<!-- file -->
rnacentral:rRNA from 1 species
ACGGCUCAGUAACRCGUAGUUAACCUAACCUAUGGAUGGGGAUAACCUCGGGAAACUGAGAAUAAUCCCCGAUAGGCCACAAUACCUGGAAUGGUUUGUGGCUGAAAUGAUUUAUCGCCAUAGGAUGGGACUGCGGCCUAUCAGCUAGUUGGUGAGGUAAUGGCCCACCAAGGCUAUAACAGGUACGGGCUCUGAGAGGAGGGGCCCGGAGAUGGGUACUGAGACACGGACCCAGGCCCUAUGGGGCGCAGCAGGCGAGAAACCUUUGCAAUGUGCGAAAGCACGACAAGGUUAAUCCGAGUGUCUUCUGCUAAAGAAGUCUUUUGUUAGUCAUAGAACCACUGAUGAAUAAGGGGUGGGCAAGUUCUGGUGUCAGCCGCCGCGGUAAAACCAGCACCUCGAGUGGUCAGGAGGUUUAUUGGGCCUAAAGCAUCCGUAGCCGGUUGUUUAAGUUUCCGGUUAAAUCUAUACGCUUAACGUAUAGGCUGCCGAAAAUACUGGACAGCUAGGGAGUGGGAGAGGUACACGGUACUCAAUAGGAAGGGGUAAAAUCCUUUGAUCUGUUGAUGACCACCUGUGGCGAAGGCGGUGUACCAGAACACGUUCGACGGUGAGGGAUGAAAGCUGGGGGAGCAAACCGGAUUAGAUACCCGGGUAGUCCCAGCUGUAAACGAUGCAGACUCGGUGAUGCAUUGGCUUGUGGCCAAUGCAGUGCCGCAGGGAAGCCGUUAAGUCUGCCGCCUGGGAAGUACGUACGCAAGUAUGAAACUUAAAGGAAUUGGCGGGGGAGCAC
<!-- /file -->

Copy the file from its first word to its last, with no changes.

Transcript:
rnacentral:rRNA from 1 species
ACGGCUCAGUAACRCGUAGUUAACCUAACCUAUGGAUGGGGAUAACCUCGGGAAACUGAGAAUAAUCCCCGAUAGGCCACAAUACCUGGAAUGGUUUGUGGCUGAAAUGAUUUAUCGCCAUAGGAUGGGACUGCGGCCUAUCAGCUAGUUGGUGAGGUAAUGGCCCACCAAGGCUAUAACAGGUACGGGCUCUGAGAGGAGGGGCCCGGAGAUGGGUACUGAGACACGGACCCAGGCCCUAUGGGGCGCAGCAGGCGAGAAACCUUUGCAAUGUGCGAAAGCACGACAAGGUUAAUCCGAGUGUCUUCUGCUAAAGAAGUCUUUUGUUAGUCAUAGAACCACUGAUGAAUAAGGGGUGGGCAAGUUCUGGUGUCAGCCGCCGCGGUAAAACCAGCACCUCGAGUGGUCAGGAGGUUUAUUGGGCCUAAAGCAUCCGUAGCCGGUUGUUUAAGUUUCCGGUUAAAUCUAUACGCUUAACGUAUAGGCUGCCGAAAAUACUGGACAGCUAGGGAGUGGGAGAGGUACACGGUACUCAAUAGGAAGGGGUAAAAUCCUUUGAUCUGUUGAUGACCACCUGUGGCGAAGGCGGUGUACCAGAACACGUUCGACGGUGAGGGAUGAAAGCUGGGGGAGCAAACCGGAUUAGAUACCCGGGUAGUCCCAGCUGUAAACGAUGCAGACUCGGUGAUGCAUUGGCUUGUGGCCAAUGCAGUGCCGCAGGGAAGCCGUUAAGUCUGCCGCCUGGGAAGUACGUACGCAAGUAUGAAACUUAAAGGAAUUGGCGGGGGAGCAC